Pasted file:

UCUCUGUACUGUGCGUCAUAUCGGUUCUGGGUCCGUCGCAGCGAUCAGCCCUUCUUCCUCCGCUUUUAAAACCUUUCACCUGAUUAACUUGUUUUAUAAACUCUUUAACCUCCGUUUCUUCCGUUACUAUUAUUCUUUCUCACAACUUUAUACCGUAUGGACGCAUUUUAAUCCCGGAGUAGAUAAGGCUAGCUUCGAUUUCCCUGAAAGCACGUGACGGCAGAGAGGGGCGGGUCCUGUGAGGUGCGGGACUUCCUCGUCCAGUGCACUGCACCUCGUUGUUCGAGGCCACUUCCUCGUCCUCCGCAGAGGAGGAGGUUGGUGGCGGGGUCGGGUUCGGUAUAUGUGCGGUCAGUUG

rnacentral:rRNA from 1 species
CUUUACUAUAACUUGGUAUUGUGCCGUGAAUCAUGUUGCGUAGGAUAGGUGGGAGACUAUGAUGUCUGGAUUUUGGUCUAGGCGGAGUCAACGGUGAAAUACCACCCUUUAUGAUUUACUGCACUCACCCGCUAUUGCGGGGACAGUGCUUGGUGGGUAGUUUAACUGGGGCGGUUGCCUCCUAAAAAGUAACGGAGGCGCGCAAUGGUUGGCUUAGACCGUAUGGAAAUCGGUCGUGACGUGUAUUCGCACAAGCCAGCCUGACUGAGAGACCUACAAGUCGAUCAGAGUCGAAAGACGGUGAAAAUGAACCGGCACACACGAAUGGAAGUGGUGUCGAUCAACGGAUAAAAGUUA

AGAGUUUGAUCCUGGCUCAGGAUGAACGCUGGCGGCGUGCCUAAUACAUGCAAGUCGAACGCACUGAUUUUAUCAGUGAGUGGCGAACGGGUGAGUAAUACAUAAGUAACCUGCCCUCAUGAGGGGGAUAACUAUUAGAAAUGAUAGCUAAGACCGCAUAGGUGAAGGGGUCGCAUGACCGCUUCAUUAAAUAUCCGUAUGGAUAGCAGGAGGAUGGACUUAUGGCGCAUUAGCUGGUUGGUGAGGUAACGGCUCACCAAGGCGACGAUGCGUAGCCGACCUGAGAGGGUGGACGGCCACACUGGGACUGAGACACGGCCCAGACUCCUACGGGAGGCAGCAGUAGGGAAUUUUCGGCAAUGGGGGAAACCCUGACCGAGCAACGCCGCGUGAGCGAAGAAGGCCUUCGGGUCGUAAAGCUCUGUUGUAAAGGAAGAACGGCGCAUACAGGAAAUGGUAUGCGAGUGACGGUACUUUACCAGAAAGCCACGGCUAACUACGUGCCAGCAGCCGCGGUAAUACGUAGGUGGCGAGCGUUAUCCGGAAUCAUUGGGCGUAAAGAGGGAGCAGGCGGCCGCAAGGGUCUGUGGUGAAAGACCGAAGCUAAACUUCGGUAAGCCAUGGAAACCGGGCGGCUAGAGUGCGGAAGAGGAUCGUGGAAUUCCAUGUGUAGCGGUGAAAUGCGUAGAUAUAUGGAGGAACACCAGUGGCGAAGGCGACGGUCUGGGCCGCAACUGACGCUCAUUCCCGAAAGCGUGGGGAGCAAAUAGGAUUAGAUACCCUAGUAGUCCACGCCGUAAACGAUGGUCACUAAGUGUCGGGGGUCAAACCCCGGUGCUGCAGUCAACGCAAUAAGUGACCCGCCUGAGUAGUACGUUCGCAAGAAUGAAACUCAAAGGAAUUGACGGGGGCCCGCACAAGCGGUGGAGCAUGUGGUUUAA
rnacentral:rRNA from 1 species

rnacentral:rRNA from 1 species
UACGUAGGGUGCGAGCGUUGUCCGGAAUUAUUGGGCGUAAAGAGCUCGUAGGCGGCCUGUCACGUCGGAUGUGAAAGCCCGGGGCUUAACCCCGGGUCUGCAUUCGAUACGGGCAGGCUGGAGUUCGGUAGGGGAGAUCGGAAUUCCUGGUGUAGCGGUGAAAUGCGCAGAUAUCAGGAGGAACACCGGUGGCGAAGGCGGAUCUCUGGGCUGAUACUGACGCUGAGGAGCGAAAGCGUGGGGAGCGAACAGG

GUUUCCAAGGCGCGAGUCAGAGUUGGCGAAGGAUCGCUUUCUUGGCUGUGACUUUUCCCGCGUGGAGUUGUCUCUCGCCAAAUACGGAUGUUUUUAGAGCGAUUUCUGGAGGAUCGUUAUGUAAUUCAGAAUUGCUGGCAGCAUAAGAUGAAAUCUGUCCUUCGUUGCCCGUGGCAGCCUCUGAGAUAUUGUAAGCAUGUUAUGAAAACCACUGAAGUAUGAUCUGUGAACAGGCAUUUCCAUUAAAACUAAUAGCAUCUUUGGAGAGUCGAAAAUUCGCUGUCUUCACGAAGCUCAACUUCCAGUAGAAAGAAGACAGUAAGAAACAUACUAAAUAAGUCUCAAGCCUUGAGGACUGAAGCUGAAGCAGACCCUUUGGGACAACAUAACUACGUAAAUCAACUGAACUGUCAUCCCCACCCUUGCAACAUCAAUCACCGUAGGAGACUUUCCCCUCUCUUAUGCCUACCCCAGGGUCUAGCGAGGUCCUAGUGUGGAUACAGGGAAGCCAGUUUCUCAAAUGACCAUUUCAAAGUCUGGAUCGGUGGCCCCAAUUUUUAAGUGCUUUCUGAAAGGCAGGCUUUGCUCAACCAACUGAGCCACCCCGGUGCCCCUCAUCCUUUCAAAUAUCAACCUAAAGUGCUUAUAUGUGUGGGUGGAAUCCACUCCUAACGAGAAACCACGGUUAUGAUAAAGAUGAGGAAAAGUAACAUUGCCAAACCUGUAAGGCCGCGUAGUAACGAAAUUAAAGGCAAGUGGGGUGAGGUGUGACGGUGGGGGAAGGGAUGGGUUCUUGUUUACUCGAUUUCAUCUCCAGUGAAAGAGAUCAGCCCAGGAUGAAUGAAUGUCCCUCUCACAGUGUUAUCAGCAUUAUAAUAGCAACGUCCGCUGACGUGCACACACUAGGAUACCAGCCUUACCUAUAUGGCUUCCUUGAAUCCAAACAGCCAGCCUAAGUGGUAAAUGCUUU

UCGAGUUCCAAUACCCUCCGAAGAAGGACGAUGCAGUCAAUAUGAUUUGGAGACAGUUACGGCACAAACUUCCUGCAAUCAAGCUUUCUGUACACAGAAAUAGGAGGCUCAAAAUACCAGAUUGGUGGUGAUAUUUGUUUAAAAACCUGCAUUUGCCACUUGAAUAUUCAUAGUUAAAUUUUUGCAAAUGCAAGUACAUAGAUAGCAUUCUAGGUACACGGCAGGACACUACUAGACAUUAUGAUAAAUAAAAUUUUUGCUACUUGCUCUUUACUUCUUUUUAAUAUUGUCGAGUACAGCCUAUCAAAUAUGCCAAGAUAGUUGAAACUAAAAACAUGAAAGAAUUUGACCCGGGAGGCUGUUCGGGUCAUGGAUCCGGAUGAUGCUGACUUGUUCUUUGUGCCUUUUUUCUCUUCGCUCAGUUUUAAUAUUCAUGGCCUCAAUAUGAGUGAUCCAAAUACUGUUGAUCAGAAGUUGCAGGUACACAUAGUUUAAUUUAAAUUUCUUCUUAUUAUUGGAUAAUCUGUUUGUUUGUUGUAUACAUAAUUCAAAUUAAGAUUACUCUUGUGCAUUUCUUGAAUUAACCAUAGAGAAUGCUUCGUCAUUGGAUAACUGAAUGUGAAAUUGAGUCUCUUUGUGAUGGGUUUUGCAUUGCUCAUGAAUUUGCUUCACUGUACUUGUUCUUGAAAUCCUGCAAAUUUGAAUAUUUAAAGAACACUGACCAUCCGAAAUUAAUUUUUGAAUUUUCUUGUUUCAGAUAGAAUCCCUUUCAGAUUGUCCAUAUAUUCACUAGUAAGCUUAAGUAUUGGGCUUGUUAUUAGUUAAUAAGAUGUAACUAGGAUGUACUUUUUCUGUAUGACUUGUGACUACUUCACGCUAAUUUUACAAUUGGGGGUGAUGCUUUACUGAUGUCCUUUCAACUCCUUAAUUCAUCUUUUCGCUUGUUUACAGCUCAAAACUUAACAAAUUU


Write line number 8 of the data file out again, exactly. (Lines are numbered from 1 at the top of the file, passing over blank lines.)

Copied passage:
GUUUCCAAGGCGCGAGUCAGAGUUGGCGAAGGAUCGCUUUCUUGGCUGUGACUUUUCCCGCGUGGAGUUGUCUCUCGCCAAAUACGGAUGUUUUUAGAGCGAUUUCUGGAGGAUCGUUAUGUAAUUCAGAAUUGCUGGCAGCAUAAGAUGAAAUCUGUCCUUCGUUGCCCGUGGCAGCCUCUGAGAUAUUGUAAGCAUGUUAUGAAAACCACUGAAGUAUGAUCUGUGAACAGGCAUUUCCAUUAAAACUAAUAGCAUCUUUGGAGAGUCGAAAAUUCGCUGUCUUCACGAAGCUCAACUUCCAGUAGAAAGAAGACAGUAAGAAACAUACUAAAUAAGUCUCAAGCCUUGAGGACUGAAGCUGAAGCAGACCCUUUGGGACAACAUAACUACGUAAAUCAACUGAACUGUCAUCCCCACCCUUGCAACAUCAAUCACCGUAGGAGACUUUCCCCUCUCUUAUGCCUACCCCAGGGUCUAGCGAGGUCCUAGUGUGGAUACAGGGAAGCCAGUUUCUCAAAUGACCAUUUCAAAGUCUGGAUCGGUGGCCCCAAUUUUUAAGUGCUUUCUGAAAGGCAGGCUUUGCUCAACCAACUGAGCCACCCCGGUGCCCCUCAUCCUUUCAAAUAUCAACCUAAAGUGCUUAUAUGUGUGGGUGGAAUCCACUCCUAACGAGAAACCACGGUUAUGAUAAAGAUGAGGAAAAGUAACAUUGCCAAACCUGUAAGGCCGCGUAGUAACGAAAUUAAAGGCAAGUGGGGUGAGGUGUGACGGUGGGGGAAGGGAUGGGUUCUUGUUUACUCGAUUUCAUCUCCAGUGAAAGAGAUCAGCCCAGGAUGAAUGAAUGUCCCUCUCACAGUGUUAUCAGCAUUAUAAUAGCAACGUCCGCUGACGUGCACACACUAGGAUACCAGCCUUACCUAUAUGGCUUCCUUGAAUCCAAACAGCCAGCCUAAGUGGUAAAUGCUUU